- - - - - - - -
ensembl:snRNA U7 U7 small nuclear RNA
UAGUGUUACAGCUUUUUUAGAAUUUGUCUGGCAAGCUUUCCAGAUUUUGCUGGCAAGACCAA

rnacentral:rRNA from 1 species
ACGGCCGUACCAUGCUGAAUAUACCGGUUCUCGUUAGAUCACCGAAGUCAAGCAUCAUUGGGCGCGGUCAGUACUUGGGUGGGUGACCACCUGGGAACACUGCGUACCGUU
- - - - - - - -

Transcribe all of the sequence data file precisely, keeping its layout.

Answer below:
ensembl:snRNA U7 U7 small nuclear RNA
UAGUGUUACAGCUUUUUUAGAAUUUGUCUGGCAAGCUUUCCAGAUUUUGCUGGCAAGACCAA

rnacentral:rRNA from 1 species
ACGGCCGUACCAUGCUGAAUAUACCGGUUCUCGUUAGAUCACCGAAGUCAAGCAUCAUUGGGCGCGGUCAGUACUUGGGUGGGUGACCACCUGGGAACACUGCGUACCGUU